• [0025]
    Importantly, the free time rules included as part of the global settings 270 and the meeting level settings 280 can include rules based upon a list of keywords which, if such keywords appear in a meeting request, will cause the requested time slot to appear as free time. For instance, referring to FIG. 2, were Bob 230 to attempt to schedule a meeting 300 during the time slot 9:00 AM to 10:00 AM, under ordinary circumstances, the tentatively scheduled marketing meeting would appear to conflict with the meeting 300. Yet, as the narrative for the meeting 300 includes the work “Review”, the time slot 9:00 AM will appear to be free time as it can be presumed that meetings relating to the term “Review” may be of greater importance than other meetings.
  • [0026]
    In a preferred aspect of the invention, free time rules can be applied either within the global settings 260 or the meeting level settings 270 in which meetings scheduled by the user are to appear to all other users regardless of the nature of the scheduled meeting or the identity of other users querying the calendar. In particular, it can be inferred that scheduled meetings which are “chaired” by the user are deemed more important than would be the case if the user were merely an invitee.
  • [0027]
    Conversely, where the user is invited to attend a meeting not directly, but indirectly through carbon copy or some such similar method, it can be inferred that the meeting is not to be considered as important as would be the case were the user to have been invited directly. Accordingly, scheduled meetings arising from only an indirect invitation can be reflected as free time. Thus, as shown in FIG. 2, whether by way of global settings 260 or meeting level settings 270, where Alice 220 has invited Bob 230 to a Holiday Party Planning meeting, but where Alice 220 has only indirectly invited Ralph 210, the meeting, scheduled for 11:30 AM will not appear in the calendar 240.
  • [0028]
    Ordinarily, free time rules can be applied at the meeting level on a meeting by meeting basis. In this regard, each scheduled meeting can have applied thereto, a selection of one or more free time rules, ranging from show all to suppress all. Intermediate meeting level rules can include showing free time in lieu of scheduled meetings only to a selection of users, or showing free time in lieu of scheduled meetings only where a calendar query includes one or more specified keywords. Of course, each meeting level rule can be expressed globally across all meetings. Importantly, where two free time rules conflict as between the meeting level and global level, the meeting level rules are to take precedence over the global level rules. Similarly, in the event of a conflict between a meeting scheduled by one person in the list of persons to whom a time slot is to appear as free time, and requesting person, the order of priority can be determined based on the placement of both persons in the list of persons. Thus, where the querying person is listed in higher order than the person who scheduled a meeting at the queried time slot, the queried time slot will appear as free time.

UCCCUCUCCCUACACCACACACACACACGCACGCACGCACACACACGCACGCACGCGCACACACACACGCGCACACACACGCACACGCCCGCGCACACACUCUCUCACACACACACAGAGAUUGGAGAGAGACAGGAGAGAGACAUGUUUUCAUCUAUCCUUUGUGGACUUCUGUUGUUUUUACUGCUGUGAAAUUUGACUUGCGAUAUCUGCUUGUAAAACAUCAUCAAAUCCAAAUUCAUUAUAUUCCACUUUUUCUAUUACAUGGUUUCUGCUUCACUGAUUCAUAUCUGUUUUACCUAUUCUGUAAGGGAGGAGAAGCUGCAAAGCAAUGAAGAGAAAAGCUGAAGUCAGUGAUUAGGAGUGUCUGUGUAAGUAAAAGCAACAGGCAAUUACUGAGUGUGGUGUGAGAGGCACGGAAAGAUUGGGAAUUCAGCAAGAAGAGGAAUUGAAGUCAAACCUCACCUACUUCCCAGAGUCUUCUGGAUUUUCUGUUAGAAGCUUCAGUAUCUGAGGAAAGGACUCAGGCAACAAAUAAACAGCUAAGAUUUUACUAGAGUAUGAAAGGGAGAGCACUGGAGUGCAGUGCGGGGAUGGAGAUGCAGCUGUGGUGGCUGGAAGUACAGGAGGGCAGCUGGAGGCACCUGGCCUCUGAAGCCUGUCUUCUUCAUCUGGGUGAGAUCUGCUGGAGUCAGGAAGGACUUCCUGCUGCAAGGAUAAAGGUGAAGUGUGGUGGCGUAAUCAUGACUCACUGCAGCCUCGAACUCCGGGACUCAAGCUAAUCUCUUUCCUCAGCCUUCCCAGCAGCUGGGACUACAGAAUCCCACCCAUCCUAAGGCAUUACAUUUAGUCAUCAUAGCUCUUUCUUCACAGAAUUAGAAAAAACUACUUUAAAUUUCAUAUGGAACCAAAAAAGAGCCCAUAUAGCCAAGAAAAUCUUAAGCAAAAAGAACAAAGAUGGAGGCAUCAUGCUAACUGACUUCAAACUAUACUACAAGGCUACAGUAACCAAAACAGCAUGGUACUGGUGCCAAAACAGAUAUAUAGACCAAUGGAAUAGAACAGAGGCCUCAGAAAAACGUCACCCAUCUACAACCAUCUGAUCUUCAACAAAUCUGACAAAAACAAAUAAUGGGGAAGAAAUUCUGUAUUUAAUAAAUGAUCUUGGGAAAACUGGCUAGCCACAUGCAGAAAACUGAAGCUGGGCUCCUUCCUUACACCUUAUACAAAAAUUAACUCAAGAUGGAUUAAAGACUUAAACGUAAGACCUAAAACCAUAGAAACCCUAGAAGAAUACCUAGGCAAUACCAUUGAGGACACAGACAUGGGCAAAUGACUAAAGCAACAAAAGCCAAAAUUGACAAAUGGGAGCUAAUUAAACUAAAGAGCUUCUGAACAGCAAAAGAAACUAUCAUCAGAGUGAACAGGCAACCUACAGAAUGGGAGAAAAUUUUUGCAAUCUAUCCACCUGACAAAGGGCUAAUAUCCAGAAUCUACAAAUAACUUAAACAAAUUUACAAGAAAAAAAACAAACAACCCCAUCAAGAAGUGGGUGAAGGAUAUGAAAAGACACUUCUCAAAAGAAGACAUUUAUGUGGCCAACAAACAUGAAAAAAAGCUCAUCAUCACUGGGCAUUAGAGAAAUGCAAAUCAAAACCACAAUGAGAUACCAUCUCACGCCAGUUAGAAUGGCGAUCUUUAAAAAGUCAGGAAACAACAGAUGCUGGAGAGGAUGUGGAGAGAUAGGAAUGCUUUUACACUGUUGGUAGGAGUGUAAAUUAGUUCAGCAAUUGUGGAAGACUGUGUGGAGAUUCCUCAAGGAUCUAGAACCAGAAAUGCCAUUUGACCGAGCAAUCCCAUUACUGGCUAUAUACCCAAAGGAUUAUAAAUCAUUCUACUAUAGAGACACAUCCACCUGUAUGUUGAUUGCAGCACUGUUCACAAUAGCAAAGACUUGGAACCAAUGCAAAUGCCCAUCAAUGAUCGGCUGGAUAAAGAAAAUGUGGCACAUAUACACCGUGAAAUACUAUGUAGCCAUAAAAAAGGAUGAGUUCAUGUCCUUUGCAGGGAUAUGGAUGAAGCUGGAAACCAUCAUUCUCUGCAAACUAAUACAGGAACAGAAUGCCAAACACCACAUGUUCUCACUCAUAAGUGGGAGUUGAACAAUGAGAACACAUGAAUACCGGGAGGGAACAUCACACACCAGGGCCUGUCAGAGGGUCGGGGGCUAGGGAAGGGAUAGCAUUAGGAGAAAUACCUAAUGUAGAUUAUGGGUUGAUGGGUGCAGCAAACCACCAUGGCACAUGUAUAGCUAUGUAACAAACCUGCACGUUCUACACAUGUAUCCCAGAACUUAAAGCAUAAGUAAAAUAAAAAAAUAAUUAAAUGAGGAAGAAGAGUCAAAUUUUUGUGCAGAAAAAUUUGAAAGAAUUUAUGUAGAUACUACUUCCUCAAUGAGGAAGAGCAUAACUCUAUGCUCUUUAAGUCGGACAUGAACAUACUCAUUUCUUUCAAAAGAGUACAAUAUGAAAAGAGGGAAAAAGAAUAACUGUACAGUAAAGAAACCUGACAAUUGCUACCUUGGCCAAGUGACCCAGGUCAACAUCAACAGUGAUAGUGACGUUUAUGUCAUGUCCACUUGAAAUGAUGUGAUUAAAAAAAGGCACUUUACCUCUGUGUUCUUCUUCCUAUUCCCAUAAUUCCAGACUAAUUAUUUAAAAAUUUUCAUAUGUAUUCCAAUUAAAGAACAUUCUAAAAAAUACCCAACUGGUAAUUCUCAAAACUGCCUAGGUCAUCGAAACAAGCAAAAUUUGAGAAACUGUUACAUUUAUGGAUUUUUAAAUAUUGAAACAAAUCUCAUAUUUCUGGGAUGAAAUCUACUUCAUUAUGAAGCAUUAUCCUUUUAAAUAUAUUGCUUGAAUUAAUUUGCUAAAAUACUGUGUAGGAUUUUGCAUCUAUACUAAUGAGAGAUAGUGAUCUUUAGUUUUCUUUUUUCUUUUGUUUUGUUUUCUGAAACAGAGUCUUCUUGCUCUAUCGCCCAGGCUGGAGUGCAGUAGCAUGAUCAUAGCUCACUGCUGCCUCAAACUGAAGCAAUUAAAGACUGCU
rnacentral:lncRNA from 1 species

• [0029]
    The present invention can be realized in hardware, software, or a combination of hardware and software. An implementation of the method and system of the present invention can be realized in a centralized fashion in one computer system, or in a distributed fashion where different elements are spread across several interconnected computer systems. Any kind of computer system, or other apparatus adapted for carrying out the methods described herein, is suited to perform the functions described herein.
  • [0030]
    A typical combination of hardware and software could be a general purpose computer system with a computer program that, when being loaded and executed, controls the computer system such that it carries out the methods described herein. The present invention can also be embedded in a computer program product, which comprises all the features enabling the implementation of the methods described herein, and which, when loaded in a computer system is able to carry out these methods.
  • [0031]
    Computer program or application in the present context means any expression, in any language, code or notation, of a set of instructions intended to cause a system having an information processing capability to perform a particular function either directly or after either or both of the following a) conversion to another language, code or notation; b) reproduction in a different material form. Significantly, this invention can be embodied in other specific forms without departing from the spirit or essential attributes thereof, and accordingly, reference should be had to the following claims, rather than to the foregoing specification, as indicating the scope of the invention.
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Clasificaciones
Clasificación de EE.UU.1/1, 707/999.102
Clasificación internacionalG06Q10/10
Clasificación cooperativaG06Q10/109
Clasificación europeaG06Q10/109
Eventos legales
FechaCódigoEventoDescripción
30 Dic 2002ASAssignment
Owner name: INTERNATIONAL BUSINESS MACHINES CORPORATION, NEW Y
Free format text: ASSIGNMENT OF ASSIGNORS INTEREST;ASSIGNOR:ROKOSZ, VAUGHN THEODORE;REEL/FRAME:013641/0190
Effective date: 20021220